In Free-Fall, Stocks Hit Lowest Mark Since '97

By Neil Irwin
Washington Post Staff Writer
Tuesday, March 3, 2009

The global financial rout worsened yesterday, driving U.S. stocks to their lowest level since 1997 amid deepening questions about whether governments around the world are being forceful enough in combating the economic crisis.

There was no single cause for yesterday's sell-off, which sent each of the major indicators down at least 4 percent, with the Dow Jones industrial average closing below 7000 for the first time in 12 years. Investors were shaken by another government rescue of insurance giant American International Group, which said it would take on $30 billion more in public money after reporting the largest quarterly loss in U.S. history. The markets were also absorbing news from the weekend from famed investor Warren E. Buffett, who said the economy will be "in shambles" this year and who reported the worst investment returns in the 44 years he has run Berkshire Hathaway.

But more than any individual development, the continuing collapse in financial markets around the globe reflected an absence of faith that the trillions of dollars that governments have deployed to try to contain the damage will do the trick -- and a realization that, from Europe to Japan to the Americas, the flow of goods and services is drying up.

"People are really coming to terms with the fact that we not only have a global slump, but one that's going to be prolonged," said George Feiger, chief executive of Contango Capital Advisors. "And there's a lack of coherence to the global response. In Japan, the government is paralyzed, in Europe the absence of a central government is crippling their ability to conduct coordinated policy, and the U.S. government has taken some dramatic actions, but always too little too late."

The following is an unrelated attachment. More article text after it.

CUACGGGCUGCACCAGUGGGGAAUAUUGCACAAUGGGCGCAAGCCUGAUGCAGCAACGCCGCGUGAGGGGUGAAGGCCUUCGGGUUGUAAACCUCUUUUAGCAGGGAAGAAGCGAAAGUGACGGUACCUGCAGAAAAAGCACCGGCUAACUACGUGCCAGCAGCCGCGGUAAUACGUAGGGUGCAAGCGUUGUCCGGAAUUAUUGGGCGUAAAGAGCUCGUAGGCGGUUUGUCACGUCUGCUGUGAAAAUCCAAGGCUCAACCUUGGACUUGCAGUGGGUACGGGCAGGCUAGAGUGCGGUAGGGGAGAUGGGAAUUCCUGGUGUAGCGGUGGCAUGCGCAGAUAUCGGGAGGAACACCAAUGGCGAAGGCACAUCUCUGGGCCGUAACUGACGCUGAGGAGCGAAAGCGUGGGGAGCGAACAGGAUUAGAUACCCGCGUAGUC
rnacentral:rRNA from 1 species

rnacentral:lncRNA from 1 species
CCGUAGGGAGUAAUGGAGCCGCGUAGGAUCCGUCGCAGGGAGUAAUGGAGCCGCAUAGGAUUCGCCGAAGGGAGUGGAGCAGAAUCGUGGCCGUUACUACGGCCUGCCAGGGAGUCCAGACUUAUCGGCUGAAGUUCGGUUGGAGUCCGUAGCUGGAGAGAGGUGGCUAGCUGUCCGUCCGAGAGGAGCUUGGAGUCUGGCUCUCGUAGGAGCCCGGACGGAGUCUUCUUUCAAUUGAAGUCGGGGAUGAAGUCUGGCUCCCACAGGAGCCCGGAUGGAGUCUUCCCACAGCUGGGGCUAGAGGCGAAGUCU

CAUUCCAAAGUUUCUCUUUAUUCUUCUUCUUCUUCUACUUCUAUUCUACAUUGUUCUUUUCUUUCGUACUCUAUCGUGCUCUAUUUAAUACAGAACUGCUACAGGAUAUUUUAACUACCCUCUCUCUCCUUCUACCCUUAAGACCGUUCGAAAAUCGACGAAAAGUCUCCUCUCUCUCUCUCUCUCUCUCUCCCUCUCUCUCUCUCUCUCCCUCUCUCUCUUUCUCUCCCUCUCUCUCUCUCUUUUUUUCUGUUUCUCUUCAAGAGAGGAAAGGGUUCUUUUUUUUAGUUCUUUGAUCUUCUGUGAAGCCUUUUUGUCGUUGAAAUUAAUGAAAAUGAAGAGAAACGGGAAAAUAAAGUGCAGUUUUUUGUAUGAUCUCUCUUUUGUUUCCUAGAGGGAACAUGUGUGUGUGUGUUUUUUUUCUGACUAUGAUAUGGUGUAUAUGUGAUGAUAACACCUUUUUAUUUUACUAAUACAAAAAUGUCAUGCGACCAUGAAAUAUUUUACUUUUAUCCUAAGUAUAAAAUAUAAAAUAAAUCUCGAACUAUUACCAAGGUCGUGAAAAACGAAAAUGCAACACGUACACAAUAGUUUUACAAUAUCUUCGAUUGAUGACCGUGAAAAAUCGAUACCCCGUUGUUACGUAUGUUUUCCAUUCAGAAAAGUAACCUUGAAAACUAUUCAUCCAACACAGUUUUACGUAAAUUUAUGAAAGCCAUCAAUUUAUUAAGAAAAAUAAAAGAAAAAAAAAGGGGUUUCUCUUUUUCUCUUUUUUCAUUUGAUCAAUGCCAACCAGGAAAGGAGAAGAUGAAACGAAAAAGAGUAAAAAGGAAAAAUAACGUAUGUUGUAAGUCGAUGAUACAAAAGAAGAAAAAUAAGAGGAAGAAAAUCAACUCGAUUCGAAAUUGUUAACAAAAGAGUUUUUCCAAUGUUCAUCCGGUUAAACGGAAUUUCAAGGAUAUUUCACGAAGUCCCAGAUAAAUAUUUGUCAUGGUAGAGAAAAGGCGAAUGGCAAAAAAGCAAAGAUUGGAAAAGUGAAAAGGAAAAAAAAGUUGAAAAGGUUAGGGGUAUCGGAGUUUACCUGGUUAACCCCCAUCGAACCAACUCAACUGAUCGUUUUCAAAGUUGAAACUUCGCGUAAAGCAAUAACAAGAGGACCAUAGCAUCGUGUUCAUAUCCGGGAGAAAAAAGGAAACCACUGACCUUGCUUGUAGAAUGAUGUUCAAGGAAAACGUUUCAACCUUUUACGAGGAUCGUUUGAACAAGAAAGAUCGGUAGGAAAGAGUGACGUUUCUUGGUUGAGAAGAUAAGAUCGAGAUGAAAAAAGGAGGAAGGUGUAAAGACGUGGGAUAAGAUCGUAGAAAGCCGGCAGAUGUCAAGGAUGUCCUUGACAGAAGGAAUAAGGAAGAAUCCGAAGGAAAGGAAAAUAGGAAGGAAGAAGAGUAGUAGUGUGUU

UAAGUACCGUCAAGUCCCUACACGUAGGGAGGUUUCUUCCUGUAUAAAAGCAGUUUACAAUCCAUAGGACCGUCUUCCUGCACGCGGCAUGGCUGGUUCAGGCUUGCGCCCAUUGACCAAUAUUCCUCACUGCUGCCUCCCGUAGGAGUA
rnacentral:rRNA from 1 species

Yesterday, the fallout from the economic crisis also touched the Washington region, which has been less vulnerable to recessions in the past. Sunrise Senior Living, the assisted-living giant based in McLean, said it was working with its lenders to try to avoid bankruptcy protection. Allied Capital, the District buyout firm that defaulted on its debt agreements last month, recorded a $579 million loss for the fourth quarter and said its chief executive would resign.

Whatever turmoil U.S. companies are experiencing, the damage increasingly appears worse in many other parts of the world. Financial markets are starting to grapple with the realization that major Western European banks are more exposed to real estate losses in Eastern Europe and Russia than had been previously realized. Yesterday, HSBC, the British bank that has been viewed as one of the strongest throughout the financial crisis, reported a 70 percent drop in 2008 earnings. It said it would raise $17.7 billion in new capital, cut 6,100 jobs and abandon much of its U.S. consumer lending business.